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Felicitas

Felicitas was the goddess or personification of good luck and success. She played an important role in Rome's state religion during the empire, and was frequently portrayed on coins. She became a prominent symbol of the wealth and prosperity of the Roman Empire.

Felicitas was unknown before the mid-2nd century BC, when a temple was dedicated to her in the Velabrum in the Campus Martius by Lucius Licinius Lucullus, using booty from his 151Ė150 BC campaign in Spain. The temple was destroyed by a fire during the reign of Claudius and was never rebuilt.

Another temple in Rome was planned by Julius Caesar and was erected after his death by Marcus Aemilius Lepidus on the site of the Curia Hostilia, which had been restored by Lucius Cornelius Sulla but demolished by Caesar in 44 BC. This temple no longer existed by the time of Hadrian, and its site probably lies under the church of Santi Martina e Luca.

The word felicitas, "luck", is also the source of the word and name felicity.


DICTIONARY OF ROMAN COINS





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FELICITAS - a symbolical divinity of the Romans, to whom, according to Pliny, Licnicius Lucullus, about 74 BC, on his return from the war against Mithradates IV, wished to raise a statue, of which Archesilas was to have been the sculptor; but both the artist and employer died before the work was completed. A temple erected to this deified protectress, in one of the public places of Rome, fell prey to a fire during the reign of Claudius.



Felicity is represented on coins of the imperial series (particularly those of Hadrian, Antoninus Pius, and Philip I), under the figure of a woman, clothed in the stola, and exhibiting different figures and postures; sometimes standing, sometimes seated, generally she holds the caduceus in one hand, and the cornucopiae in the other: the formaer as the sign of peace, tha latter as signifying that true felicity consists in possessing the most precious gifts of providence; for what is greater happiness in this world than to enjoy peace and to possess plenty. At other times Felicitas stands holding the caduceus on a staff in her right hand, and a patera in her left, at a lighted altar, as in Julia Maesa. Again we see her with a rudder, a globe, or a ship's prow in her hand, in allusion to the naval victories gained by those princes whose coins display this allegorical type; and also in reference to the abundance which navigation procures to the state. With respect to the caduceus, Millin, in his Dictonaire des Beaux Arts, observes in the hymn to Mercury, ascribed to Homer, Apollo designates that instrument as the rod or staff of Felicity and of riches. On a medallion of Commodus FELICITAS TEMPORVM (the happiness of the times or of the age), is figured under the form of a woman sitting under a tree surrounded by children, who personify the four seasons. For othe typifications of this deity on Roman coins, see SAECVLI or TEMPORVM FELICITAS.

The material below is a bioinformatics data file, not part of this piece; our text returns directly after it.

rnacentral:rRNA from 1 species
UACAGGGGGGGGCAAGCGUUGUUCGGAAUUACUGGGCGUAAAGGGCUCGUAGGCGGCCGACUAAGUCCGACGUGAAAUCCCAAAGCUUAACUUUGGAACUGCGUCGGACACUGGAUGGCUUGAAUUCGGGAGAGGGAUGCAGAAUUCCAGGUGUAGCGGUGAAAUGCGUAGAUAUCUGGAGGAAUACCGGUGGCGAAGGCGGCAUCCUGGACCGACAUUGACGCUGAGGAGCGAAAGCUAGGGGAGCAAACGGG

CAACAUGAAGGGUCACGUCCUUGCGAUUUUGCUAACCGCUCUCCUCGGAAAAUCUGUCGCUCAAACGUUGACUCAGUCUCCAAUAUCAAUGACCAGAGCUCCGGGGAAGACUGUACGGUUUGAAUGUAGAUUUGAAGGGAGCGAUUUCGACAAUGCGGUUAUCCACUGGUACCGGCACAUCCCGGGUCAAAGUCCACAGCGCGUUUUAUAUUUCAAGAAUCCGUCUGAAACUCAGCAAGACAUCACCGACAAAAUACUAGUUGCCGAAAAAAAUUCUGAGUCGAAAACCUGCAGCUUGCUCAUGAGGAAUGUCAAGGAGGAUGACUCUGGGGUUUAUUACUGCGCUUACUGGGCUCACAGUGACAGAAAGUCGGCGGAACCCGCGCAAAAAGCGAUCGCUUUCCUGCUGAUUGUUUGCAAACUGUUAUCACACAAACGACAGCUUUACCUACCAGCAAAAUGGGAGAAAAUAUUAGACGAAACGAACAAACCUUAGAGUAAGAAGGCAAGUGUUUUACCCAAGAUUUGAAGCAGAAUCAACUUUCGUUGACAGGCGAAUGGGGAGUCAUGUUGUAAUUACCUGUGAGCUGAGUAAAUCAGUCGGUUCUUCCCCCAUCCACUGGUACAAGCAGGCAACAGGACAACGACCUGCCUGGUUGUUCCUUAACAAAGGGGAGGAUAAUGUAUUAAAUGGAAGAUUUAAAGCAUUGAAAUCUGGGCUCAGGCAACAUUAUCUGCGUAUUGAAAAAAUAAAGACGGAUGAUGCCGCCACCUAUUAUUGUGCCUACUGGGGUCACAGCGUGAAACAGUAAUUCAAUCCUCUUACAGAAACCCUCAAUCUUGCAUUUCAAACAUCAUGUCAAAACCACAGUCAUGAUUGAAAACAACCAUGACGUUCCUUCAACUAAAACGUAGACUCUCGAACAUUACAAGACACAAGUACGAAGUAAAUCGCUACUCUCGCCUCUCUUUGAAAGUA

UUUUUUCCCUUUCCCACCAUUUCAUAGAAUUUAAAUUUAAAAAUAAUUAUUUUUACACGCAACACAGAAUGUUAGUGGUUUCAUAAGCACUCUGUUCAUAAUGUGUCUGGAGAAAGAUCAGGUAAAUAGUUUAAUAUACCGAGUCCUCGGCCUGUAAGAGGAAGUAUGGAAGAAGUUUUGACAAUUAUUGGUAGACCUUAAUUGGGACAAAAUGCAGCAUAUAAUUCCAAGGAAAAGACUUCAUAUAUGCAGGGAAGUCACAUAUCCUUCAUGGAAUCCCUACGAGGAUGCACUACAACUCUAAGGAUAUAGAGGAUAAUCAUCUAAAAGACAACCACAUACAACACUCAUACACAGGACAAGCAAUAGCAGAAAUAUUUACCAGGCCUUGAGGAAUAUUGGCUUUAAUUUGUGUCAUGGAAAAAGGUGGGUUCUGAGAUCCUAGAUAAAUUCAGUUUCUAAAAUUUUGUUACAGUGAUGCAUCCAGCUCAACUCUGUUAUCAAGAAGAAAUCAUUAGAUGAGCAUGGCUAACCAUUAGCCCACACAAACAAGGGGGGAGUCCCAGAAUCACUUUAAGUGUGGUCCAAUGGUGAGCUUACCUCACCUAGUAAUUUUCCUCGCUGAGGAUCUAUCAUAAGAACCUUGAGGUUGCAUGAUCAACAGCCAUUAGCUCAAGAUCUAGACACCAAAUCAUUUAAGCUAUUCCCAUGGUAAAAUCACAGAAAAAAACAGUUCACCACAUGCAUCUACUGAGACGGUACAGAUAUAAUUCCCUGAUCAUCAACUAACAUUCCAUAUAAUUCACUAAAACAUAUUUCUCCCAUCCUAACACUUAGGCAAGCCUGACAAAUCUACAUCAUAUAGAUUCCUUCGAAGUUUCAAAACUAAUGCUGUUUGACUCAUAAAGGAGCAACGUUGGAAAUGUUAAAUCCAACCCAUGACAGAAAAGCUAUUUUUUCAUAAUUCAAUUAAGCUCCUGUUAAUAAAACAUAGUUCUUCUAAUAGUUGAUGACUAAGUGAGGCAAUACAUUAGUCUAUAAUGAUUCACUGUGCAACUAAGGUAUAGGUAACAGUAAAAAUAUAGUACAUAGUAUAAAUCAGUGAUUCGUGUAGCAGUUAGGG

Felicity's image occurs on almost all the imperial series coins; because the senate professed to wish that all princes should consider it their duty to promote public happiness, and also because those princes themselves were peculiarly desirous of having it regarded as a blessing attached to their own reign. This however was ascribed to various causes, and shadowed forth under various tokens.

Jobert, in his sixth instruction observes that when (as is most frequently the case on imperial series coins) to the name of Felicitas, Securitas, Spes, Providentia, Aequitas, and other virtues, the word AVG is added, there is no doubt but that virtue or good quality in question is applied to the prince himself, as residing and shining in him, and should then be read FELICITAS AVGVSTI or FELICITATI AVGVSTI, etc. But on the other hand, when it reads AVGVSTA, is is the opinion of most numismatic antiquaries, although not yet reduced to a certanty, that by this form of expression, the virtue or divinity itself (as Augusta, that is to say, sacred), rather than the emperor, was the intended object of inscription ans honour. According to this opinion, therefore, FELICITAS AVGVSTA would not be an eulogy of the prince for rendering the state happy, but simply the proper epithet attributed to the name of the goddess. Havercamp also, adverting to this point, remarks that, when the figure of a woman occurs on a coin, holding a rudder resting on a globe, whether she be called Fortune or Felicity, it would seem to represent the golden fortune (aurea fortuna) of the imperial house, which the emperors worshipped in their bed chamber, and which, when at the point of death, they transmitted to thier successors.

Note: English translation of above paragraph: If the legend is AVG, the good fortune is claimed by the emperor; if the legend is AVGVSTA, this is a tribute to the divinity of Felicitas or Fortune.



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